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A large, climatically diverse country producing just about every wine style imaginable, Australia is not just a source of blockbuster Shiraz or inexpensive wine with cute labels, though both can certainly be found here. Australia has a grand winemaking history and some of the oldest vines on the planet, along with a huge range of landscapes and climates; it is impossible to make generalizations about Australian wine. Most regions are concentrated in the south of the country with those inland experiencing warm, dry weather, and those in more coastal areas receiving humid and tropical, or maritime weather patterns. Australia has for several decades been at the forefront of winemaking technology and has widely adopted the use of screwcaps, even for some premium and ultra-premium bottles.

Shiraz is indeed Australia’s most celebrated and widely planted variety, typically producing bold, supple reds with sweet, jammy fruit and performing best in the Barossa and Hunter Valleys. Cabernet Sauvignon is often blended with Shiraz, and also shines on its own particularly in Coonawarra and Margaret River. Grenache and Mourvèdre (often locally referred to as Mataro) are also popular, both on their own and alongside Shiraz in Rhône blends. Chardonnay is common throughout the country and made in a wide range of styles. Sauvignon Blanc has recently surged in popularity to compete with New Zealand’s distinctive version, and Semillon is often utilized as its blending partner, or in the Hunter Valley, on its own to make complex, age-worthy whites. Riesling thrives in the cool-climate Clare and Eden Valleys. Sticky-sweet fortified wine Rutherglen Muscat is a beloved regional specialty of Victoria. Thanks to the country’s relatively agreeable climate throughout and the openness of its people, experimentation is common and ongoing, and there are a vast array of intriguing varieties to be found.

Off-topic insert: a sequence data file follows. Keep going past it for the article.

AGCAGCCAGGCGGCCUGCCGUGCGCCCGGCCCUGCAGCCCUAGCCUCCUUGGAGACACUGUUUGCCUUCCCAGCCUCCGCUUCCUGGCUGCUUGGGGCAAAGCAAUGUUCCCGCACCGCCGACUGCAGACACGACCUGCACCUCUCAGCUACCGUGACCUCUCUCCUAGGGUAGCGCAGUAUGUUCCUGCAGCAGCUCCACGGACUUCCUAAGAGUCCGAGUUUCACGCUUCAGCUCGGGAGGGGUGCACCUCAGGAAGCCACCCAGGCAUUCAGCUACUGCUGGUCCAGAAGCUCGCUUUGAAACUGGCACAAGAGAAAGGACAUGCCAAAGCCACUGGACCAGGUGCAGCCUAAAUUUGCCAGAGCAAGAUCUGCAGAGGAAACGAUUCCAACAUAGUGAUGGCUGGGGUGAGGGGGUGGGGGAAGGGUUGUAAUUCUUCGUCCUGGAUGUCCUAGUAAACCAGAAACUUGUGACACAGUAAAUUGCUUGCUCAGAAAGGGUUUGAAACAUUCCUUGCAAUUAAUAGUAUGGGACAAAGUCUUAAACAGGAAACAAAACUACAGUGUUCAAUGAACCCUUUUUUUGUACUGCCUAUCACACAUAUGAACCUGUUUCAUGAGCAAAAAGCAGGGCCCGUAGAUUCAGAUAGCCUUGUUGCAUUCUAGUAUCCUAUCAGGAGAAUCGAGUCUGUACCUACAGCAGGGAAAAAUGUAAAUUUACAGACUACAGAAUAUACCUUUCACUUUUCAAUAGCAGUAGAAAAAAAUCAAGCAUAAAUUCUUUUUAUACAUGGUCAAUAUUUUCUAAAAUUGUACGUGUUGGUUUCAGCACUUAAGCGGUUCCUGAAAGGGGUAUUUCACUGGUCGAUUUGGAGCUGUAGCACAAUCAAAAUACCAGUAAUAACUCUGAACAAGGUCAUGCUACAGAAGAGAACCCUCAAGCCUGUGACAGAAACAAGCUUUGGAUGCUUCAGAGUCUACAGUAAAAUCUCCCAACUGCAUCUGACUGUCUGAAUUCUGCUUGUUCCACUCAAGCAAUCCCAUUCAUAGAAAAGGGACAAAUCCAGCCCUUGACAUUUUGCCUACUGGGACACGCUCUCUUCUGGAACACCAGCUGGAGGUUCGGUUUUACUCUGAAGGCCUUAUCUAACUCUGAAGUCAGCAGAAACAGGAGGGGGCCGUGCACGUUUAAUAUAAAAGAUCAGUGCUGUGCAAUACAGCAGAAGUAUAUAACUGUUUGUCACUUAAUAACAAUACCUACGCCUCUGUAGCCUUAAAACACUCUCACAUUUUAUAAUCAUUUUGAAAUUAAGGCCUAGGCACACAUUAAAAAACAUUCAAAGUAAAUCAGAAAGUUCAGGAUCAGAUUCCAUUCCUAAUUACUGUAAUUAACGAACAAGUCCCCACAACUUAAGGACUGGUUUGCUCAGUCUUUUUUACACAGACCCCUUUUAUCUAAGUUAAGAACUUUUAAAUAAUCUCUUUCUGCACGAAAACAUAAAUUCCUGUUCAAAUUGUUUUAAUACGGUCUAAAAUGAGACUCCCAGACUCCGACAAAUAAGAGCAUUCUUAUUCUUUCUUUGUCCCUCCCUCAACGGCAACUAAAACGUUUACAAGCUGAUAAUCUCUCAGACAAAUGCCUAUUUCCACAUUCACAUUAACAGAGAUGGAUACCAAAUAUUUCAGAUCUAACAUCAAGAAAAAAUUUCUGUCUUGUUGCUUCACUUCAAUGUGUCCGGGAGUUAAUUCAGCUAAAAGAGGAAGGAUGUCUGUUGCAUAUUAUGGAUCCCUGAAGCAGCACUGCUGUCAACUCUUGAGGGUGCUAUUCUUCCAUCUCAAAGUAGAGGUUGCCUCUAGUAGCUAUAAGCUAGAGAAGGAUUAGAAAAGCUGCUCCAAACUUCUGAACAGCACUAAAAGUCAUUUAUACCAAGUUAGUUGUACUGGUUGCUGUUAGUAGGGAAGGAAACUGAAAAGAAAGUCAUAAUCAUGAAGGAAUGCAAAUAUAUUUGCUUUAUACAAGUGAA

Syrah/Shiraz

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Marked by unmistakable deep purple hue and savory aromatics, Syrah accounts for a good deal of some of the most intense, powerful and age-worthy reds in the world. Native to the Northern Rhône, Syrah still achieves some of its maximum potential here, especially from Hermitage and Côte-Rôtie.

Syrah also plays an important component in the canonical Southern Rhône blends based on Grenache, Syrah and Mourvèdre, adding color, depth, complexity and structure to the mix. Today these blends have become well-appreciated from key appellations of the New World, namely Australia, California and increasingly, with praise, from Washington.

In the Glass

Syrah typically shows aromas and flavors of purple fruits, fragrant violets, baking spice, white pepper and even bacon, smoke or black olive. In Australia, where it goes under the name Shiraz, it produces deep, dark, intense and often, jammy reds. While Northern Rhône examples are typically less fruity and more earthy, California appears increasingly capable of either style.

Perfect Pairings

Flavorful Moroccan-spiced lamb, grilled meats, spareribs and hard, aged cheeses are perfect with Syrah. Blue cheeses are perfect with a dense and fruit-driven Australian Shiraz.

Sommelier Secret

Due to the success of Australian “Shiraz,” winemakers throughout the world have adopted this synonym for Syrah when they have produced a plush and fruit forward wine made in the Australian style. As an aside, Australians are also fond of tempering their fruit-forward Shiraz by blending with Cabernet Sauvignon, which adds depth and structure.

RPT81993398_2008 Item# 122750